For centuries the study of Latin (Classics) has been central to any well-rounded humanistic education. The Romans, along with the Greeks, provide the foundation for many of the values and intellectual ideas that we take for granted in Western civilization. Incredibly sophisticated notions of justice, equality, mutual respect, and freedom were hammered out amid the stone and struggle for survival and have become our inheritance. In Classics, we study that inheritance through the literary and material remains. The concentration in Latin focuses mainly on the Roman contributions, with an emphasis on the advanced reading of Latin literature from 200 BC through the Medieval period.
Students who choose the Latin major should expect to learn to read the language at a very advanced level by the time s/he completes the requirements. We are not learning the language for its own sake, but in order to access directly in the original the centuries-long discussion about what makes us human beings. Students should have a propensity for language study and an interest in humanities in general. Not only does the study of Latin increase the sophistication of one’s thinking and provide a clearer scope of the sweep of intellectual history, it improves one’s understanding of language in general. Latin is a precise language that demands a thorough comprehension of how sentences are built and structured, while its vocabulary constitutes the basis of a considerable number of English words. Thus the knowledge of Latin sharpens one’s understanding of English.
The study of Latin requires that the student take a minimum of 33 hours in Classics with a heavy emphasis on Latin. Students will reach the highest level of Latin (LA 490) and even repeat that course with a different reading selection or author. We encourage students who major in Latin to learn a modern language as well, whether Italian, French, or German, or to choose a second major that relates directly to their future career choice.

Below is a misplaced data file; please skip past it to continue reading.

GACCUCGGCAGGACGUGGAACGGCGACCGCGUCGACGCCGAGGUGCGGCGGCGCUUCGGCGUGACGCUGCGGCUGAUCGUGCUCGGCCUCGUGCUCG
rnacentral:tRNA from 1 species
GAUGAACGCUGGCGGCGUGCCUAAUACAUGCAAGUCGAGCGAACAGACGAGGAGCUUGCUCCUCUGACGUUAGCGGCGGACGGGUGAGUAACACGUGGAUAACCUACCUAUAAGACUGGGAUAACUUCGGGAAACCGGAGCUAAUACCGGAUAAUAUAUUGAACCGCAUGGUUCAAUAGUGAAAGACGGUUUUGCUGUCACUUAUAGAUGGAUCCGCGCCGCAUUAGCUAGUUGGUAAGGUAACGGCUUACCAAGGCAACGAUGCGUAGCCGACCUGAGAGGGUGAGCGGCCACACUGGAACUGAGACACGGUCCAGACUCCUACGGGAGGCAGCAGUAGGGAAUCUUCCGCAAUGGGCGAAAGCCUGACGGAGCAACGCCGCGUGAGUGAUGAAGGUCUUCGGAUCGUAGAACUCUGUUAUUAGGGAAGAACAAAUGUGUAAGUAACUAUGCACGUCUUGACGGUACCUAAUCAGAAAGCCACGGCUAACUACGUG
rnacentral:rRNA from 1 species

What follows is a typical curriculum for students majoring in Latin. Please refer to the UA Undergraduate Catalog for a more precise and detailed outline.
|LA 201 and 202||Intermediate Latin; students will have completed or placed out of beginning Latin||6|
|LA 301 and 302||Advanced reading in Roman authors and genres; the selections change year to year according to the needs of the students as determined by the professor||6|
|LA 480||Writing and research in the field of Classics, primarily for those going into the profession||3|
|LA 490||Often taught in conjunction with LA 301 or 302; can be retaken as selections change for additional credit||3 or more|
|CL 222||Greek & Roman Mythology||3|
|CL 386||Roman History||3|
|CL 350||Roman Religion||3|
|GR 101 and 102||Beginning Greek; students planning to enter the field of Classics by going to graduate school are encouraged to take Greek into the intermediate or higher levels||6|
|CL 380||A “special topics” course whose content changes from semester to semester and can be taken more than once for credit. Past topics include Roman Art, The Ancient World in Film, Women’s Lives in Antiquity||3 or more|
NB: Students are encouraged to participate in the Summer Abroad in Greece program, where they can earn 6 hrs. credit toward their major (CL 380: Greek Civilization and CL 385: Greek History). Students in the Honors Program will also find courses that can count towards the Classics major, such as Alexander the Great. Other courses related to Classics can be found in the departments of philosophy and art history.